For those who access the floor from the external escalator, there is a cluster of mid-shop display plinths, also formed of faux onyx and similarly lit. These, too, are a vehicle for further mannequin displays. And this lends character to the department entrance at the front end of the floor, providing another visual feature, this time in the middle of the Office concession.
The left-hand side of the department is raised and the lower three-quarters of the floor is reached by descending three steps. The danger of creating a long, undifferentiated platform has been avoided by inserting three display blocks on which further mannequins lounge.
Finally, the cash desks are put to work as another unifying feature. These have walls backed by the selfsame faux onyx and ensure that things remain firmly within HoF’s controlled branded house environment.
But what of the brands themselves? Whether it’s Kurt Geiger’s signature shoe chandelier or Karen Millen’s mirrored mid-shop fixtures, the character of each of the brands on this floor is apparent and familiar. And this is a big enough floor to give each of them space without feeling the pressure of having to fit everything in. In fact, one of the department’s most appealing elements is that there is room to move.
It’s worth noting, too, that the high lighting levels and generally white fit-out means that the sense of space is reinforced – helped by the cream ceramic tiles. This is, more or less, a complete remodelling of a floor and early results are positive – the company says that like-for-likes are about 75% higher than last year.
All of which must surely cost a lot. Blakeney says: “Don and John [McCarthy and King, HoF’s chairman and chief executive, respectively] set their ambitions up here [he raises his hand high] and put their budgets here [he lowers it again].” This has meant that HoF has worked to a figure of about £100 per sq ft to get the floor to its current state. This excludes, naturally, the ‘contribution’ that will have been stumped up by the brands to help with this – £2.5m would be an extremely conservative guesstimate for such a large space.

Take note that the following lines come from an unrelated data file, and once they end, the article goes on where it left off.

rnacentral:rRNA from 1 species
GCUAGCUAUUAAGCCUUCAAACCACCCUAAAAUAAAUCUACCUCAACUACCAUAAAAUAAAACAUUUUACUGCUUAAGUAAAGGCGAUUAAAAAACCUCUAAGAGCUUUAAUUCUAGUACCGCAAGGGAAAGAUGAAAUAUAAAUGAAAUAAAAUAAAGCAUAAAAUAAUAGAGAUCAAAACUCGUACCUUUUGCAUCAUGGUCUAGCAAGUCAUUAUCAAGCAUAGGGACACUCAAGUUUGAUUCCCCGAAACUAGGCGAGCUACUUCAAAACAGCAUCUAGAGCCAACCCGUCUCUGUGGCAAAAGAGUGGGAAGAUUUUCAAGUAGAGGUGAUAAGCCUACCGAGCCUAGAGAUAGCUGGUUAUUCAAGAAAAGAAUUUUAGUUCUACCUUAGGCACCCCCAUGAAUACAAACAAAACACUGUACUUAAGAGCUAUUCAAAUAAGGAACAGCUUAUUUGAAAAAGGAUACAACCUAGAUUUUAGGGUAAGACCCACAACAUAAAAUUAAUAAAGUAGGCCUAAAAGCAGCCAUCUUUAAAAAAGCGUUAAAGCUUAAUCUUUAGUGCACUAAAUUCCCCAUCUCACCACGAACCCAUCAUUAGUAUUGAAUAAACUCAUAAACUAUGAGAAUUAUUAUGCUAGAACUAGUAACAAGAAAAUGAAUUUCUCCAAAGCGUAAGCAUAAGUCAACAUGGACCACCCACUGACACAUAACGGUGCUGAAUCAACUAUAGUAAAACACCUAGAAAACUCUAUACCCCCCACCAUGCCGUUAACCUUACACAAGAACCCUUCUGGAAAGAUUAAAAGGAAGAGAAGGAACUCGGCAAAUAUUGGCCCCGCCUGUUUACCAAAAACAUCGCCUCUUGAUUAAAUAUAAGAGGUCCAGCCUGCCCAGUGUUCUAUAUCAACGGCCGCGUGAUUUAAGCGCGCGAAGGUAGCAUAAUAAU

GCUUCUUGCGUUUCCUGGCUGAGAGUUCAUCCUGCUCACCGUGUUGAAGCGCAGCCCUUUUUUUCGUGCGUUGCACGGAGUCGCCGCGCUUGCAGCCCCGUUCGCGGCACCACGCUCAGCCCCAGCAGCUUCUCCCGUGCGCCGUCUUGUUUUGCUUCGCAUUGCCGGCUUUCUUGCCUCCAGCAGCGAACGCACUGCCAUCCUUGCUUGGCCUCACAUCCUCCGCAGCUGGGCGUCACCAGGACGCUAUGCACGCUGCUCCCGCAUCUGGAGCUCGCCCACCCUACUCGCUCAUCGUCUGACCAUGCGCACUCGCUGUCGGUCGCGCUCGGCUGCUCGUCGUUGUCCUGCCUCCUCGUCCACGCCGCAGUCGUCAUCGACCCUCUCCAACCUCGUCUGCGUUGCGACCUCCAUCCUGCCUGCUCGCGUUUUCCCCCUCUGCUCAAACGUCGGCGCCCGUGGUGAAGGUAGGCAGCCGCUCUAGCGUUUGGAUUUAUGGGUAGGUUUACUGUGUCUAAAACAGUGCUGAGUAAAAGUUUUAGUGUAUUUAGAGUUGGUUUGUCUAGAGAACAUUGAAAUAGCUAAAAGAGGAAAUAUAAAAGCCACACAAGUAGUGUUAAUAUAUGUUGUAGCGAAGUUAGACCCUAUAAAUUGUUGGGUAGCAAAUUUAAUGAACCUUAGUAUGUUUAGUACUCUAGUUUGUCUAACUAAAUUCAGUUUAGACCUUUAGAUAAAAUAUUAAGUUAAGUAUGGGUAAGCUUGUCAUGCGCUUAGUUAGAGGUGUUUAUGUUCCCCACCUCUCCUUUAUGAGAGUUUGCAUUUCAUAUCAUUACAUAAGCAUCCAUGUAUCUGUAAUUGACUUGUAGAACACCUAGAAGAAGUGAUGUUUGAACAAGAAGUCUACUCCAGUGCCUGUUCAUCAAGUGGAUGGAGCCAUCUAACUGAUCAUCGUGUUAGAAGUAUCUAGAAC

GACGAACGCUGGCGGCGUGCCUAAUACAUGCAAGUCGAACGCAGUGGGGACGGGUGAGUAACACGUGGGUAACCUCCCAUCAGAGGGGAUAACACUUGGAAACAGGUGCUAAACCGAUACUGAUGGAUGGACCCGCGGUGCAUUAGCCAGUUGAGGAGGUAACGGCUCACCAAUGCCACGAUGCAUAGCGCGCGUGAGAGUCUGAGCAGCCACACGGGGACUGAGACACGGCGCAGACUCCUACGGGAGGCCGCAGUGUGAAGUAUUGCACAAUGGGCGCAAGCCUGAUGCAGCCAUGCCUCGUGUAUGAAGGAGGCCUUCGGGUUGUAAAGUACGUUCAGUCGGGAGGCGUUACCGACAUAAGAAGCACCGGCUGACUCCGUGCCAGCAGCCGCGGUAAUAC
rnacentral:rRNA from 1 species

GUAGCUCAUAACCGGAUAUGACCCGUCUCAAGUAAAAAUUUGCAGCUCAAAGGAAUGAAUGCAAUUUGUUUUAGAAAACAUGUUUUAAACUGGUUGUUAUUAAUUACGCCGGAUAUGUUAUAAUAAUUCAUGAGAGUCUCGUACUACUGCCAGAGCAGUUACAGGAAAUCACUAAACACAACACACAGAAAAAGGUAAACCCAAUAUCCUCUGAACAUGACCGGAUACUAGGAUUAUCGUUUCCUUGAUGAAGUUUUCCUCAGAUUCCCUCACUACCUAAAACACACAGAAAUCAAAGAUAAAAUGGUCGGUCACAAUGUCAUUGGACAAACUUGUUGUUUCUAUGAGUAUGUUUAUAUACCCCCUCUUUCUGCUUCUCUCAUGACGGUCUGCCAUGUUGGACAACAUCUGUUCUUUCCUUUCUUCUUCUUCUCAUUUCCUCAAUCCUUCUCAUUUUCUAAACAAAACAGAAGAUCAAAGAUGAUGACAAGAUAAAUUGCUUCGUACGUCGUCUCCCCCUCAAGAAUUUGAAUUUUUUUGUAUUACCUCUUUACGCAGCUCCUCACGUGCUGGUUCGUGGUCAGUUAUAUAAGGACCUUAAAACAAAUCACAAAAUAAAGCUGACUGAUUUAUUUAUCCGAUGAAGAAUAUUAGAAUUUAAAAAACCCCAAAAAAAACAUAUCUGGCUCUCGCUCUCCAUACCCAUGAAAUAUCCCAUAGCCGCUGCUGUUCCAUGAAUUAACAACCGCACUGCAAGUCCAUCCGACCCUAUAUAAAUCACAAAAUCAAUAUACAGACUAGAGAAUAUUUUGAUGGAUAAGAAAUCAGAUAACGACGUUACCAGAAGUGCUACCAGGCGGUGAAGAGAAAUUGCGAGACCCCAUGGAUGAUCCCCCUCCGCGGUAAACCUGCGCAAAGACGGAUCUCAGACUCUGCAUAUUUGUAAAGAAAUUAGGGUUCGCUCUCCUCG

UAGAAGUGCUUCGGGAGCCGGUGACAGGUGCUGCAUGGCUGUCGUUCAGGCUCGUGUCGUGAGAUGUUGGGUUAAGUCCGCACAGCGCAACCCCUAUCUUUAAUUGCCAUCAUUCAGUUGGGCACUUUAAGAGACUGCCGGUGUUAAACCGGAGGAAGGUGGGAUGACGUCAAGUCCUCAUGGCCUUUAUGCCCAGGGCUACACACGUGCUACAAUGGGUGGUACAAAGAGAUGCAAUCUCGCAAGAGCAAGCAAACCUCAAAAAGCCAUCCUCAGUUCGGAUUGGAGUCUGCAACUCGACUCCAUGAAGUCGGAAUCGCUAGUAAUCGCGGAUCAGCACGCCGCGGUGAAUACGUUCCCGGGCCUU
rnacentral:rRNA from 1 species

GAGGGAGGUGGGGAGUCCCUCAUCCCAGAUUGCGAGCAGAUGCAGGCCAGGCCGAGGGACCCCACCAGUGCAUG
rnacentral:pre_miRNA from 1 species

And, all in all, it looks worth it. The revamp is one part of a more general refurbishment that is taking place in the store, with the ground floor due to be completed by the beginning of September. Meanwhile, shoe retailers on the rest of Oxford Street will have a new reason to be taking a look at what they offer and how they compete.
House of Fraser women’s shoe department, Oxford Street
Size 25,000 sq ft
Scheme A ‘branded house’ department
Design Kinnersley Kent Design
Shopfitting Vinci Construction
Standout feature The escalator well and ‘pole forest’